In his paper, Dr. Finucane says that microbiome studies—which examine the benefits and harms cause by the billions of organisms that naturally live in the human body—suggest that UTI treatment with antibiotics actually may be more harmful than we previously thought. If you think you have a UTI, or if you’re currently using an antibiotic to treat a UTI, it’s important to speak with a healthcare professional first before changing your care plan. Your doctor, nurse, or other provider can work with you to find a treatment plan that’s best for you.
This summary is from “Urinary Tract Infection: Requiem for a Heavyweight.” It appears online ahead of print in the March 2017 issue of the Journal of the American Geriatrics Society. The author is Thomas E. Finucane, MD, Co-director, Elder House Call Program, Johns Hopkins Bayview Medical Center and Professor of Medicine at Johns Hopkins Medicine.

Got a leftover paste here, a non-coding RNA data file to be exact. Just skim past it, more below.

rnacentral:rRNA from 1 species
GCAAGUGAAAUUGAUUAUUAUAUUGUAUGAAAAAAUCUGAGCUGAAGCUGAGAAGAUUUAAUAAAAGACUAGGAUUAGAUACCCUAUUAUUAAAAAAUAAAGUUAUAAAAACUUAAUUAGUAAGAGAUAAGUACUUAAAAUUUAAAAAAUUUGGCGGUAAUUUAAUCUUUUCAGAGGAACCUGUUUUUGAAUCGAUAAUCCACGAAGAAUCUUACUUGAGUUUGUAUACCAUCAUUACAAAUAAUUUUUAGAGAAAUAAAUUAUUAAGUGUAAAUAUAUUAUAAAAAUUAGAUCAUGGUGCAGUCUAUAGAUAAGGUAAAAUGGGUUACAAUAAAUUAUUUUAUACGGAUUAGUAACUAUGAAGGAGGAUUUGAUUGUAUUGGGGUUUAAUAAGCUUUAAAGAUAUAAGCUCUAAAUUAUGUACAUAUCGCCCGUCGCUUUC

Journal of the American Geriatrics Society Research Summary
Osteoporosis is a disease that causes thinning of the bones, loss of bone density, and increasingly fragile bones. This puts people at higher risk for bone fractures. Risk for the disease increases as we age. In fact, 50% of women over the age of 50 will experience a bone facture due to osteoporosis.
By 2020, an estimated 61 million American adults will have low bone mineral density. A group of medications known as “bisphosphonates” are sometimes used to treat osteoporosis. These medications increase bone mineral density, which strengthens bones and is thought to make them less likely to fracture. Studies have shown that the risk for bone fractures lessens when women with low bone mineral density take these medications for between 1 and 4 years. However, little is known about whether taking bisphosphonates for longer periods of time has the same effect.